Under the power of the Intellectual Property Clause in Article I of the U.S. Constitution, Congress passed the first Copyright Act in 1790 (1790 Act), which Congress most recently amended in 1998 (current Copyright Act) to extend the protection period of copyrights. (16) Congress originally passed the 1790 Act with the intent to stimulate education through narrow protection for an author's maps, charts, and books only. (17) Congress has amended the 1790 Act over the years by expanding the period of time a copyright is protected, increasing the types of works protected under the statute to keep up with new technologies, and relaxing the formalities to which a potential rights holder must adhere to benefit from protection under the current Copyright Act. (18) Under the current Copyright Act, authors are granted a copyright for their works that fall within certain enumerated categories if the works are original and "fixed in any tangible medium of expression." (19) Congress, however, never intended to have all works protected under copyright laws; instead, the intent was to protect the expression of the author and not the facts and ideas presented in the work. (20) Copyright protection also does not extend to works that are functional; the current Copyright Act states, "the design of ... useful article[s] ... shall be considered a pictorial, graphic, or sculptural work only if, and only to the extent that, such design incorporates pictorial, graphic, or sculptural features that can be identified separately from, and are capable of existing independently of, the utilitarian aspects of the article." (21) The expression of an author is, therefore, protected under copyright law while that expression's functionality lies within patent law's protection. (22)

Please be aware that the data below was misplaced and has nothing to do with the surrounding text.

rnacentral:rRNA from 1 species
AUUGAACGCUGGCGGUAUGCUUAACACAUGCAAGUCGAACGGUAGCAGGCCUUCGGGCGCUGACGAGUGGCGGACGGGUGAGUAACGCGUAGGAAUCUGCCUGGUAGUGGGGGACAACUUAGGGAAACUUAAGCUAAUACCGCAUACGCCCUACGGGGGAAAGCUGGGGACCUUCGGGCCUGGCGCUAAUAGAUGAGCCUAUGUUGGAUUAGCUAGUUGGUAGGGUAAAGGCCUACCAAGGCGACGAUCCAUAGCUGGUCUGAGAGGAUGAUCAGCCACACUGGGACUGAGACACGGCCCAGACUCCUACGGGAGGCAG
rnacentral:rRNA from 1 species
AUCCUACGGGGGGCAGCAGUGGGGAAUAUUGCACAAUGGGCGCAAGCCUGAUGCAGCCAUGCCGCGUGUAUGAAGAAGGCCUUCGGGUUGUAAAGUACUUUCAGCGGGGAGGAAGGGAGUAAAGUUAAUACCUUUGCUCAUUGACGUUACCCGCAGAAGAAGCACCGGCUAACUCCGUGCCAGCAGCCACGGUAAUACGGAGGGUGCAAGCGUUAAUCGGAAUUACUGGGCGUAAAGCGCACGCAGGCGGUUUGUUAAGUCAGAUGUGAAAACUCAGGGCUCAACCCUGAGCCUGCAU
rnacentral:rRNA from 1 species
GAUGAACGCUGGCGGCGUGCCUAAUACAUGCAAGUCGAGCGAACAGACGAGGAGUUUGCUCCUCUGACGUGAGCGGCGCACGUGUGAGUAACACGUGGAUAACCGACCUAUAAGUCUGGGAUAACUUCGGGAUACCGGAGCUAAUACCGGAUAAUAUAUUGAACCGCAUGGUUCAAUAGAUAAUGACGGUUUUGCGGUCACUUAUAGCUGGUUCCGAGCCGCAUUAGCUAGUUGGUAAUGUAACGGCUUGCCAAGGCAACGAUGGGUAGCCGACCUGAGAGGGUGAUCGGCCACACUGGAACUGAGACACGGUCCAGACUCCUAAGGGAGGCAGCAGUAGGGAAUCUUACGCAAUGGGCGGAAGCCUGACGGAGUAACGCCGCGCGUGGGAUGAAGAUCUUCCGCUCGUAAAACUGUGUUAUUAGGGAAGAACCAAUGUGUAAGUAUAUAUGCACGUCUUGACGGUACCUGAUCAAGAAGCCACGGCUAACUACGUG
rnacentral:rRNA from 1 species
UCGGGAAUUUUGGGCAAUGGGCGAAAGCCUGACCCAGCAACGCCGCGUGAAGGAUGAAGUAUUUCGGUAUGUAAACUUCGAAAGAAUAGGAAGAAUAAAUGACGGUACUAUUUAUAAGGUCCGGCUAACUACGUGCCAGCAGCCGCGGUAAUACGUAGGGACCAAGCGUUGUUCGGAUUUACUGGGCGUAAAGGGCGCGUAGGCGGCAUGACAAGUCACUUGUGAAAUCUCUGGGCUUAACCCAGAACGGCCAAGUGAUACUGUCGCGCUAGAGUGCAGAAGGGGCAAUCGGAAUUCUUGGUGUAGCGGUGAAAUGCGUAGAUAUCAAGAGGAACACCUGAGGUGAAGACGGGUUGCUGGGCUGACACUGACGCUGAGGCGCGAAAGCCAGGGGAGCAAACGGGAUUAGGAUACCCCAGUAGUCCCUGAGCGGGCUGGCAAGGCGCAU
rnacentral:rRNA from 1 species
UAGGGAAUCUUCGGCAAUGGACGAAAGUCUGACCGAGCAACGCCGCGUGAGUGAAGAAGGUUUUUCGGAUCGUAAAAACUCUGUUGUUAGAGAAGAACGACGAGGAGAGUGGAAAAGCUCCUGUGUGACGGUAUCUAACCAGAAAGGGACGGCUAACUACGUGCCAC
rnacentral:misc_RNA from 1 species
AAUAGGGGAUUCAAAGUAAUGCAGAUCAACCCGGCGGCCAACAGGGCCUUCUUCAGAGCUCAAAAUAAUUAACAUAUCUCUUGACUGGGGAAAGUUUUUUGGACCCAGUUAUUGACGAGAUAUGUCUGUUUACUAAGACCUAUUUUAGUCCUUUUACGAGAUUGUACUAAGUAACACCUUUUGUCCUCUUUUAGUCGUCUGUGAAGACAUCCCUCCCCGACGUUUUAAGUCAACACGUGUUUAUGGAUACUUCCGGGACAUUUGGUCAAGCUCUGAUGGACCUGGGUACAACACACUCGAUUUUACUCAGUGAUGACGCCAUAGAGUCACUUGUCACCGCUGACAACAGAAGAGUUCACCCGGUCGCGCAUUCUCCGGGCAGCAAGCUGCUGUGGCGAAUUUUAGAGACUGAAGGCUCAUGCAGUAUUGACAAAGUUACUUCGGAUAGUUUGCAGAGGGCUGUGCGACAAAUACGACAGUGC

In order for rights holders to maximize the protection of their copyrights, they must register or preregister the copyright under [section] 411(a) of the current copyright act before they may take civil action in court. (23) The Supreme Court ruled in Reed Elsevier, Inc. v. Muchnick (24) that a valid copyright registration is a statutory claims-processing requirement and the defendant must waive the requirement or the registrations must be completed before a suit for the infringement of the exclusive rights a copyright holder has under [section] 106 of the current Copyright Act. (25) Having a valid registration for a copyright also presents "prima facie evidence of the validity of the copyright" to courts, which shifts the burden of proving invalidity of the copyright to the defendant in an infringement case. (26) In order for rights holders to attain a valid copyright registration, they must send a form to the Copyright Office detailing the title, authors, creation, publication status, and derivative works, along with the filing fee, which is then reviewed by the Copyright Office to determine if the work submitted is copyrightable. (27) For a defendant to show a registration is invalid, the defendant must demonstrate that the plaintiff intended to commit fraud when filing the registration and that if the Copyright Office had been alerted to the false information the registration would not have been granted. (28)